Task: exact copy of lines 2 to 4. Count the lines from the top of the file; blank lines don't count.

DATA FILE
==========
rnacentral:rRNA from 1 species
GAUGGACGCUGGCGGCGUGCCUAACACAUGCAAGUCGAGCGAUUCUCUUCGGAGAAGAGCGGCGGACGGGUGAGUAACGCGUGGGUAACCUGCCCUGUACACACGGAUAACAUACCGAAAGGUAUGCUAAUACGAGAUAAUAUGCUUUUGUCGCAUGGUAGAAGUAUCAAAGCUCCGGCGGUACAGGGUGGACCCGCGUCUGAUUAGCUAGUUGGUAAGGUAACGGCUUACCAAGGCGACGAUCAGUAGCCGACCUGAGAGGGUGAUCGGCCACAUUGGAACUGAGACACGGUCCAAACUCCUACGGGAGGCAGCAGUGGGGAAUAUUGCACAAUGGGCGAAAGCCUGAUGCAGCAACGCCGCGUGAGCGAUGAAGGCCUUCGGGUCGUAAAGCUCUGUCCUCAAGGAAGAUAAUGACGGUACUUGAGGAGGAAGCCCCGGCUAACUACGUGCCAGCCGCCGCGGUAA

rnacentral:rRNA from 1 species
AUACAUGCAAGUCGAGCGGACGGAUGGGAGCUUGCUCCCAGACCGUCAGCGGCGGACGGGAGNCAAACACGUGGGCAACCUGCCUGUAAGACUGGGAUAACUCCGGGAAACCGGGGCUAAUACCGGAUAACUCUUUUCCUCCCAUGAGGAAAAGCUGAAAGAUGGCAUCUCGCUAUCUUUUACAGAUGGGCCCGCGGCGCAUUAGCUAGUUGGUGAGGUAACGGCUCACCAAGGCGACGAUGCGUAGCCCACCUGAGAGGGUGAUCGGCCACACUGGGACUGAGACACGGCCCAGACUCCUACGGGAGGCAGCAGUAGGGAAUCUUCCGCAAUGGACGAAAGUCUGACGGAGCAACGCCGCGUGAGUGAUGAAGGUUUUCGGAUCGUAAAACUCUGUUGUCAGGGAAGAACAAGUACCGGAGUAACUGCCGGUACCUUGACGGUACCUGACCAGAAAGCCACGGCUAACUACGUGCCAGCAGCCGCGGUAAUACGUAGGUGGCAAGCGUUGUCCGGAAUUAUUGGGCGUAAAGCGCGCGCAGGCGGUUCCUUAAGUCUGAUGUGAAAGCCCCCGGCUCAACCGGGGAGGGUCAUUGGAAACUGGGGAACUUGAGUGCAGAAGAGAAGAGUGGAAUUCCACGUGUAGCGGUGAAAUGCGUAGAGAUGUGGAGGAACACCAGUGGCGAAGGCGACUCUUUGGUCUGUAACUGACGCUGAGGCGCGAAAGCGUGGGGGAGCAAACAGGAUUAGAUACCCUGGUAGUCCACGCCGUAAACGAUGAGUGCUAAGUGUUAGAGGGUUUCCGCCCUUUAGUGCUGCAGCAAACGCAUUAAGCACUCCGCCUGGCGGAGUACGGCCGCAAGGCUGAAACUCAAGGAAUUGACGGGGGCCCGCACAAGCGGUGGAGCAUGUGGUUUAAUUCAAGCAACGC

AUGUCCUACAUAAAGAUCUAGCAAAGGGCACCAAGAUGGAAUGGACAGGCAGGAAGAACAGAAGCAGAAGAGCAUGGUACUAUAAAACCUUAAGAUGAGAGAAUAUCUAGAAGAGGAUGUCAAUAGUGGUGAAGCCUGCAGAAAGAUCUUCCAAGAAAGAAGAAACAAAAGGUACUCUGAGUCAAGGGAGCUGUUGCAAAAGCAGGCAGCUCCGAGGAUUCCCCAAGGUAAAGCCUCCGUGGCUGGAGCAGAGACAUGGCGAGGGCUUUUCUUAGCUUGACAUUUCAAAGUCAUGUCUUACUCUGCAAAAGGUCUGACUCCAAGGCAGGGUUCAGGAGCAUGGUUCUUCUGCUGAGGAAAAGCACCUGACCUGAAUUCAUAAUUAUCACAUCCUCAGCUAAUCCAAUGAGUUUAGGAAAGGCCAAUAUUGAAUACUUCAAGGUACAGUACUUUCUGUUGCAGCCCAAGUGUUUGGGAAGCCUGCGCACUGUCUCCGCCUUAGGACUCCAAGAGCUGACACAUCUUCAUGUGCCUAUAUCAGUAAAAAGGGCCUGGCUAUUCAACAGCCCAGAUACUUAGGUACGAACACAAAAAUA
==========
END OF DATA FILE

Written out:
GAUGGACGCUGGCGGCGUGCCUAACACAUGCAAGUCGAGCGAUUCUCUUCGGAGAAGAGCGGCGGACGGGUGAGUAACGCGUGGGUAACCUGCCCUGUACACACGGAUAACAUACCGAAAGGUAUGCUAAUACGAGAUAAUAUGCUUUUGUCGCAUGGUAGAAGUAUCAAAGCUCCGGCGGUACAGGGUGGACCCGCGUCUGAUUAGCUAGUUGGUAAGGUAACGGCUUACCAAGGCGACGAUCAGUAGCCGACCUGAGAGGGUGAUCGGCCACAUUGGAACUGAGACACGGUCCAAACUCCUACGGGAGGCAGCAGUGGGGAAUAUUGCACAAUGGGCGAAAGCCUGAUGCAGCAACGCCGCGUGAGCGAUGAAGGCCUUCGGGUCGUAAAGCUCUGUCCUCAAGGAAGAUAAUGACGGUACUUGAGGAGGAAGCCCCGGCUAACUACGUGCCAGCCGCCGCGGUAA

rnacentral:rRNA from 1 species
AUACAUGCAAGUCGAGCGGACGGAUGGGAGCUUGCUCCCAGACCGUCAGCGGCGGACGGGAGNCAAACACGUGGGCAACCUGCCUGUAAGACUGGGAUAACUCCGGGAAACCGGGGCUAAUACCGGAUAACUCUUUUCCUCCCAUGAGGAAAAGCUGAAAGAUGGCAUCUCGCUAUCUUUUACAGAUGGGCCCGCGGCGCAUUAGCUAGUUGGUGAGGUAACGGCUCACCAAGGCGACGAUGCGUAGCCCACCUGAGAGGGUGAUCGGCCACACUGGGACUGAGACACGGCCCAGACUCCUACGGGAGGCAGCAGUAGGGAAUCUUCCGCAAUGGACGAAAGUCUGACGGAGCAACGCCGCGUGAGUGAUGAAGGUUUUCGGAUCGUAAAACUCUGUUGUCAGGGAAGAACAAGUACCGGAGUAACUGCCGGUACCUUGACGGUACCUGACCAGAAAGCCACGGCUAACUACGUGCCAGCAGCCGCGGUAAUACGUAGGUGGCAAGCGUUGUCCGGAAUUAUUGGGCGUAAAGCGCGCGCAGGCGGUUCCUUAAGUCUGAUGUGAAAGCCCCCGGCUCAACCGGGGAGGGUCAUUGGAAACUGGGGAACUUGAGUGCAGAAGAGAAGAGUGGAAUUCCACGUGUAGCGGUGAAAUGCGUAGAGAUGUGGAGGAACACCAGUGGCGAAGGCGACUCUUUGGUCUGUAACUGACGCUGAGGCGCGAAAGCGUGGGGGAGCAAACAGGAUUAGAUACCCUGGUAGUCCACGCCGUAAACGAUGAGUGCUAAGUGUUAGAGGGUUUCCGCCCUUUAGUGCUGCAGCAAACGCAUUAAGCACUCCGCCUGGCGGAGUACGGCCGCAAGGCUGAAACUCAAGGAAUUGACGGGGGCCCGCACAAGCGGUGGAGCAUGUGGUUUAAUUCAAGCAACGC